Any artist knows that once s/he shapes the ink, the paint, the words, the clay, the movement, the meaning is made by each new observer and the life that observer has known. I’ve always read that Christina’s World, Andrew Wyeth’s most popular painting, was inspired by a neighbor who was paralyzed, probably with polio. I could identify on that basis, because my biological father had polio and later post-polio syndrome. I could extrapolate something of what the world was like for him, with his weakened legs, based on the powerful image. But the bare, vaguely rolling hills have always reminded me of my family’s farm in Kentucky. And the image of the crawling woman, eying a homestead that appears telescopic on the horizon has always spoken to my gut–I’m outside of my family, my history, my home; So far to return and a body that’s broken…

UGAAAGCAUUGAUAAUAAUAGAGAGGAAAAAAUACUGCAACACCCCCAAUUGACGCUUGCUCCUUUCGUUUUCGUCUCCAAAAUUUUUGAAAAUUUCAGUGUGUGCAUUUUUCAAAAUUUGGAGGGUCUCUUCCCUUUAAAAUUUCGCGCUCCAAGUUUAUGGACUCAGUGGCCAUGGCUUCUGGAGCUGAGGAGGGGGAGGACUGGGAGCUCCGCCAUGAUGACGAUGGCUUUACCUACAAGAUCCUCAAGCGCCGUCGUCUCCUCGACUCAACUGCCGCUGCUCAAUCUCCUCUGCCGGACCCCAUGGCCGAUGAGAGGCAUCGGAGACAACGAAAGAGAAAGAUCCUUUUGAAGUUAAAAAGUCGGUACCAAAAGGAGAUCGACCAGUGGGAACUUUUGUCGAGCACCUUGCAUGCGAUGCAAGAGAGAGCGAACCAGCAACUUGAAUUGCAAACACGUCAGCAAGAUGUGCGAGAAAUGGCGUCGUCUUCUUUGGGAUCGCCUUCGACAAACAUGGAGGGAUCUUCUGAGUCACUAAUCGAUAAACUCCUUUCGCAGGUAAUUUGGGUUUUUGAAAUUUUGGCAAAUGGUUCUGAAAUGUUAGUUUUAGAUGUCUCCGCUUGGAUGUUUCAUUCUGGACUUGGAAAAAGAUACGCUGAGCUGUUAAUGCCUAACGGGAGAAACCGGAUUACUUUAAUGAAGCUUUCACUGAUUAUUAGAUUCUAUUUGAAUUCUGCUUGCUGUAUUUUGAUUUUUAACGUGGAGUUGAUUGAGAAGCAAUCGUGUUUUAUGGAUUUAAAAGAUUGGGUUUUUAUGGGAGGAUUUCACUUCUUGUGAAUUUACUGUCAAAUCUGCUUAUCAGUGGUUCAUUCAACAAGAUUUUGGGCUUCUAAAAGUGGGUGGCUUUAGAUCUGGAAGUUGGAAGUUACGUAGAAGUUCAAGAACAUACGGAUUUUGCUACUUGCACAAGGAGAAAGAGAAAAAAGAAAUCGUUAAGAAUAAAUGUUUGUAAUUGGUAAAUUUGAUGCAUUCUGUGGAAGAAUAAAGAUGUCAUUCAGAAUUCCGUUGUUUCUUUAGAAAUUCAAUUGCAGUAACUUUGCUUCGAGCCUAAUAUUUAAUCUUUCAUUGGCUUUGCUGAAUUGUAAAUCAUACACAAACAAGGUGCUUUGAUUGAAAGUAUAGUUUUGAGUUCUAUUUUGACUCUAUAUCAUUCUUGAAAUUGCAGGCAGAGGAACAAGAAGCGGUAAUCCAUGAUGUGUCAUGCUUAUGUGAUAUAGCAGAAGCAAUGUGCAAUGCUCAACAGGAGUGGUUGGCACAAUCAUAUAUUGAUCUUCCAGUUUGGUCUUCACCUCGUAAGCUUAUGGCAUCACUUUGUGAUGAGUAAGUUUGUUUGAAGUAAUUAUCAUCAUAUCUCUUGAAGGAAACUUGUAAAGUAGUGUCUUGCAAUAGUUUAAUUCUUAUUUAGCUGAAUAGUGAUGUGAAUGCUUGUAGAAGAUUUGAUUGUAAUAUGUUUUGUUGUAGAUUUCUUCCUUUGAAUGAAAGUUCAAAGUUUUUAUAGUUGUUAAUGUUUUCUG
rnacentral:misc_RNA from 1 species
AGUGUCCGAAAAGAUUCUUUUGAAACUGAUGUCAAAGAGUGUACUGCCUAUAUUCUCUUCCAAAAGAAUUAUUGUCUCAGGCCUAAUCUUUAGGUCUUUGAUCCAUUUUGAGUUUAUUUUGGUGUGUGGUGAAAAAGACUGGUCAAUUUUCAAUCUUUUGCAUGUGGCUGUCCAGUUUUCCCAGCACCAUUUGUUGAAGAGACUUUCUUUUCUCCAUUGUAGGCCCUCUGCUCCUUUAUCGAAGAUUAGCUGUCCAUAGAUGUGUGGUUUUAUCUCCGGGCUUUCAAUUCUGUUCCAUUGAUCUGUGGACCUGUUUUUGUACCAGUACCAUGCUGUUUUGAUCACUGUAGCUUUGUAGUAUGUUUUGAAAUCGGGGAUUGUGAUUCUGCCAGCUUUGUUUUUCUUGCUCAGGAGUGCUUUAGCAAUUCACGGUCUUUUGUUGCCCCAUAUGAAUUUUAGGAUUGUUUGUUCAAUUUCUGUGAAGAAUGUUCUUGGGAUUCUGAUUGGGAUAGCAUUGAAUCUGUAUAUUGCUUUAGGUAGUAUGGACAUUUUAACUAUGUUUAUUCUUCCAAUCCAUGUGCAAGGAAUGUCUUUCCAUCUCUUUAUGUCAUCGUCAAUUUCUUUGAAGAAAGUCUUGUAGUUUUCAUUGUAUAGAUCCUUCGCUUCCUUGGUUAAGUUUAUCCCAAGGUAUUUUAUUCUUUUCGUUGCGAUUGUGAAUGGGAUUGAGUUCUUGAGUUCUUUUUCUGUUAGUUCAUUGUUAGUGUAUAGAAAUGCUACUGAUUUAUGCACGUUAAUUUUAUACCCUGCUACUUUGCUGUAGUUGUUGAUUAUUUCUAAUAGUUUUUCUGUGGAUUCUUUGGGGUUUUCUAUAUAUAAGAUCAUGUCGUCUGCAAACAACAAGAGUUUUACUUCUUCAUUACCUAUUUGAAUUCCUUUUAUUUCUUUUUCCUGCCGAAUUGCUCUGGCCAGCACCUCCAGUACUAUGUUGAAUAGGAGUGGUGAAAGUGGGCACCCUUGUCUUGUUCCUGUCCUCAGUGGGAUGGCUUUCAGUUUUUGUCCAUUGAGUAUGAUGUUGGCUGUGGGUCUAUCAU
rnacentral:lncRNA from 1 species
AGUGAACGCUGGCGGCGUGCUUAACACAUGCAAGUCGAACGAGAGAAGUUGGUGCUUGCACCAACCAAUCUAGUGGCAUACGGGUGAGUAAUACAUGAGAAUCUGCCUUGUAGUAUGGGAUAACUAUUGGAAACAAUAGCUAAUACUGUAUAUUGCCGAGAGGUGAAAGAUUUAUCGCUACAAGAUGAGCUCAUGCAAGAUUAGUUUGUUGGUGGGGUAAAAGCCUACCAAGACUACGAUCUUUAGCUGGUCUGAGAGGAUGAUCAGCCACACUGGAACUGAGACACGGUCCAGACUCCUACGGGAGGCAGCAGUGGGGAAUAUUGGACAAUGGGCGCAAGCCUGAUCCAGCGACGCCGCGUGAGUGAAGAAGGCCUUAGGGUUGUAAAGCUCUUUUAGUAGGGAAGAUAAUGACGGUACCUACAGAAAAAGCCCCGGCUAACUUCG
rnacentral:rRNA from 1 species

The amazing thing about learning of Andrew Wyeth’s death yesterday is that I was just holding a postcard of this painting on Sunday, dancing and shouting around my partner Iuval’s parents’ house in Queens, New York. I had discovered the card on a night stand and the painting is one of my favorites. Iuval had just finished reading my screenplay Bacca Blooms the day before. And because of my strong connection to the image and Wyeth’s emotional treatment of it, I had written the painting into my story of a mother and daughter who are returning to the family farm from which they’ve been separated a generation. Like other observers, when I look at Christina’s World, I’m seeing a little bit of me, a bit of others I know, and an experience of the human condition. Andrew Wyeth, kind soul, thank you for the gift of your art and the way you speak the language of forms!

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